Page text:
What do experts talk about when they talk about users? Expectations and imagined users in the smart grid
Journal article, Peer reviewed
MetadataShow full item record
Original versionEnergy Efficiency. 2017, 10 (2), 283-297. 10.1007/s12053-016-9456-5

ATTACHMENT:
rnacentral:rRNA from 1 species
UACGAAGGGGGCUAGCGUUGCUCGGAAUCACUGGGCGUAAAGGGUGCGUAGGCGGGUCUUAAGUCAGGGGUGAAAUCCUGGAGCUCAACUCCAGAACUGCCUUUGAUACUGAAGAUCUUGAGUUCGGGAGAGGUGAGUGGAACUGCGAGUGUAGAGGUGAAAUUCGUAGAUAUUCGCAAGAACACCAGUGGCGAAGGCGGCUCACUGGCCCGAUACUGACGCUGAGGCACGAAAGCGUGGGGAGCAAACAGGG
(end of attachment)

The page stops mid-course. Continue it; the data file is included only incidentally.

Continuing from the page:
This is a study of the visions and expectations which have been put forward by experts about smart grids. Within the sociology of expectation, such visions are given performative significance, and as such these expectations can provide us with an idea of where smart grid development is intended to take us. In order to gain insight into these issues, this paper first undertakes a literature review of 40 smart grid research papers. Thereafter, the paper reviews the self-reporting of 19 smart grid demo projects within the ERA-Net research framework of the EU. The findings suggest that there are three distinct expert smart grid narratives about users, one economic, one technical, and one which consists of a social science critique. The first one seeks to facilitate for user rationality by economic incentives, whereas the second seeks largely to automate the consumption and thereby bypass the question of active users. Social science critique is found to evaluate imagined users and their potential correspondence with real ones. When actual failure of economic incentives is recorded in demo sites, the economic rationale narrative exhibits surprising resilience within the frameworks. Technical narratives reinforce the argument for bypassing the user with the aid of technology, thereby suggesting performativity at work. The discussion raises the question of the actual and perceived need for active users in the smart grid, and suggests that strategies for non-participation of end users in the smart grid are both relevant and necessary.